SOUTH AFRICA
Minister approves infrastructure funds to universities
The Department of Higher Education and Training has allocated R1.9 billion (US$129 million) towards improving the infrastructure, student housing and maintenance, among other things, at 24 state-owned universities, reports SA News.
KENYA
Exam board dissolved and senior officers arrested
The Kenya National Examinations Council's board was dissolved on 24 March over the irregularities that marred national examinations in 2015, and nine senior officers were arrested, writes Ouma Wanzala for The Nation.
BELGIUM
Universities scramble to help students after attacks
The terrorist attacks in Brussels last Tuesday prompted universities in and around the city to cancel classes and to organise transportation and shelter for students who were stranded as mass transit there shut down, writes Tyler Kingkade for The WorldPost. Meanwhile, American universities scrambled to locate their students in Europe.
UNITED KINGDOM
Wanted: Social scientists with more quantitative skills
A study for the British Academy to compare the quantitative skills taught by universities in the United Kingdom and 16 leading international universities, has found that many institutions in Europe, North America and Australasia reach “much higher levels of achievement”, writes Matthew Reisz for Times Higher Education.
PHILIPPINES
Rise in school-leaving age to hit university admissions
In the Philippines, where university diplomas are proudly displayed in living rooms, higher education institutions are recession-proof enterprises, writes Felipe Salvosa for Financial Times. But when universities reopen next term, the unthinkable will happen – there will be no freshmen enrolling and thousands of tenured faculty will be made redundant.
GERMANY
Reforms give university researchers greater security
After years of campaigning by the union for education and science, the German government has passed a law that will improve the conditions that apply to contract employment in research, writes Andrew Bonnell for The Australian.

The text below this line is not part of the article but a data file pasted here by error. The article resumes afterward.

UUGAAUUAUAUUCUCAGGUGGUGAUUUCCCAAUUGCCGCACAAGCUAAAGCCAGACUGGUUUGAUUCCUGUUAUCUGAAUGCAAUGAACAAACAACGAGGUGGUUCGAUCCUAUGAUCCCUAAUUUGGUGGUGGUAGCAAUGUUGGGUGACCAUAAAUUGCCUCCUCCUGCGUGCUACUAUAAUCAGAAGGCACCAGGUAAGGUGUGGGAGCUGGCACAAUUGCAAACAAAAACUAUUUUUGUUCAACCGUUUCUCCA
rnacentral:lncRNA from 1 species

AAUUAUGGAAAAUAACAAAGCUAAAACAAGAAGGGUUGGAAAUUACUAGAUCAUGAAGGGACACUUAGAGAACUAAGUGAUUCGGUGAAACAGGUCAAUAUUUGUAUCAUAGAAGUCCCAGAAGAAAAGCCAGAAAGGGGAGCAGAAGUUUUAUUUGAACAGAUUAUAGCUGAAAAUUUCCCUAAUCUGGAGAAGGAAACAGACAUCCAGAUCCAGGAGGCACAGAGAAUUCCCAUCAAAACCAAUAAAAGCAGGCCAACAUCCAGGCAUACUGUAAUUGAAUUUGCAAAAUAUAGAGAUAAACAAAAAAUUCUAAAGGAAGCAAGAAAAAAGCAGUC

UNITED STATES
Heavy recruitment of Chinese students sows discord
At first glance, a huge wave of Chinese students entering American higher education seems beneficial for both sides, write Douglas Belkin and Miriam Jordan for the Wall Street Journal. But on the ground, campuses are struggling to absorb the growing influx – a dynamic confirmed by interviews with dozens of students, college professors and counsellors.
GLOBAL
From a teaching perspective, 'impact' looks different
In a blog based on the opening seminar of the UCL Institute of Education’s Centre for Global Higher Education, Paul Ashwin took a fresh look at the thorny concept of the impact of university teaching, reports Times Higher Education.
CANADA
Top universities worried about health research reforms
The heads of Canada’s biggest research universities have added their voices to criticism of reforms at the Canadian Institutes of Health Research, calling for a moratorium on further changes until an independent review is held, writes Elizabeth Payne for Ottawa Citizen.
UNITED STATES
The public good of public research universities – Study
Public research universities in the United States are anchors of stability and growth in their regions – vital to economic development and the creative economy, according to a new report from the American Academy of Arts and Sciences.
INDIA
Plan to equate research time with teaching experience
Researchers have reasons to cheer. India’s University Grants Commission recently announced that time spent by a student in doing research for a PhD degree will be counted as teaching experience when they apply for direct recruitment to faculty positions in colleges and universities, writes Gauri Kohli for Hindustan Times.
EGYPT
Government invites firms to apply to create MOOCs
The Ministry of Communications and Information Technology has launched a tender for local firms to help establish MOOCs – massive open online courses – under the Ministry of Higher Education, writes Mohamed Alaa El-Din for Daily News Egypt. It is the first effort to introduce MOOCs at such a scale in Egypt.